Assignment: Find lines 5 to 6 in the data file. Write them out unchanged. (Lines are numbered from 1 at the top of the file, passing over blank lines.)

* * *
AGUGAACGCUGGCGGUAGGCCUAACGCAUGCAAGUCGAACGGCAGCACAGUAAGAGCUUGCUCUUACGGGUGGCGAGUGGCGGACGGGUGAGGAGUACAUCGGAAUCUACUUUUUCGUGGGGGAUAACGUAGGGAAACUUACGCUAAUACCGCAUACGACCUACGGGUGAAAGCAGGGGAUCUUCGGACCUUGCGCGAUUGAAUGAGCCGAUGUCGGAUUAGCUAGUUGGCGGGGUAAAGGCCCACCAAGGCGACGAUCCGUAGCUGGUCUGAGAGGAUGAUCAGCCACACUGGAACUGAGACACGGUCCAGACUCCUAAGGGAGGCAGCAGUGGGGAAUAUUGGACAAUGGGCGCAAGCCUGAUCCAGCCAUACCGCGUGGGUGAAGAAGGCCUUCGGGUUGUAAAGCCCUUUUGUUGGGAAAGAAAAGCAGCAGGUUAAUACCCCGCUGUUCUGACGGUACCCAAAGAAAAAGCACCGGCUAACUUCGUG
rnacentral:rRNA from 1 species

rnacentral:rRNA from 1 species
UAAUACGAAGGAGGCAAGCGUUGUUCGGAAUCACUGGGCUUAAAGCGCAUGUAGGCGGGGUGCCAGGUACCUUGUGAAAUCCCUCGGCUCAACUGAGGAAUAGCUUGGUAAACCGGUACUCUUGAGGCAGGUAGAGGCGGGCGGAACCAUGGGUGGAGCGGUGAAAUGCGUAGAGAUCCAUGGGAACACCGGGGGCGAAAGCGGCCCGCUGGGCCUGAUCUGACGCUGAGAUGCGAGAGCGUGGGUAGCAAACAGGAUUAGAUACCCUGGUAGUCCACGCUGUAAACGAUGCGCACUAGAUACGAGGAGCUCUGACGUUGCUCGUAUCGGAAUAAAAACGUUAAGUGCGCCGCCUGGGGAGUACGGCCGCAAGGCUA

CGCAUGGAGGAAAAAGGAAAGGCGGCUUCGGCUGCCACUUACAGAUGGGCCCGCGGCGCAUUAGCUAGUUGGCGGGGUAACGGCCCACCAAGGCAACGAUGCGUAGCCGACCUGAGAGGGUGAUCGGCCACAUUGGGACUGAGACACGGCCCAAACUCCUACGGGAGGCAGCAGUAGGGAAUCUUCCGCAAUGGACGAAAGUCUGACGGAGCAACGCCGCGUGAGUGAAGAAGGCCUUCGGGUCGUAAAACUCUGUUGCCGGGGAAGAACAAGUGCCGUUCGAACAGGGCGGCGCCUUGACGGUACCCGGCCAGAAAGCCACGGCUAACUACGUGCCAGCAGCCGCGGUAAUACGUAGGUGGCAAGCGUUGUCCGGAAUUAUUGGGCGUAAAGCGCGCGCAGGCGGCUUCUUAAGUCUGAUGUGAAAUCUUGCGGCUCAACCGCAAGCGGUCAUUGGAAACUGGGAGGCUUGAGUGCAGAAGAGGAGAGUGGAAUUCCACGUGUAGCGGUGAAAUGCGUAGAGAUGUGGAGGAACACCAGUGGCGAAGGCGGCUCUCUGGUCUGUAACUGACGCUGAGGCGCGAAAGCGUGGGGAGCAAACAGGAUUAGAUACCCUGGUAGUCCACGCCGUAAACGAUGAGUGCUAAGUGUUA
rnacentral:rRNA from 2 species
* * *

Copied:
CGCAUGGAGGAAAAAGGAAAGGCGGCUUCGGCUGCCACUUACAGAUGGGCCCGCGGCGCAUUAGCUAGUUGGCGGGGUAACGGCCCACCAAGGCAACGAUGCGUAGCCGACCUGAGAGGGUGAUCGGCCACAUUGGGACUGAGACACGGCCCAAACUCCUACGGGAGGCAGCAGUAGGGAAUCUUCCGCAAUGGACGAAAGUCUGACGGAGCAACGCCGCGUGAGUGAAGAAGGCCUUCGGGUCGUAAAACUCUGUUGCCGGGGAAGAACAAGUGCCGUUCGAACAGGGCGGCGCCUUGACGGUACCCGGCCAGAAAGCCACGGCUAACUACGUGCCAGCAGCCGCGGUAAUACGUAGGUGGCAAGCGUUGUCCGGAAUUAUUGGGCGUAAAGCGCGCGCAGGCGGCUUCUUAAGUCUGAUGUGAAAUCUUGCGGCUCAACCGCAAGCGGUCAUUGGAAACUGGGAGGCUUGAGUGCAGAAGAGGAGAGUGGAAUUCCACGUGUAGCGGUGAAAUGCGUAGAGAUGUGGAGGAACACCAGUGGCGAAGGCGGCUCUCUGGUCUGUAACUGACGCUGAGGCGCGAAAGCGUGGGGAGCAAACAGGAUUAGAUACCCUGGUAGUCCACGCCGUAAACGAUGAGUGCUAAGUGUUA
rnacentral:rRNA from 2 species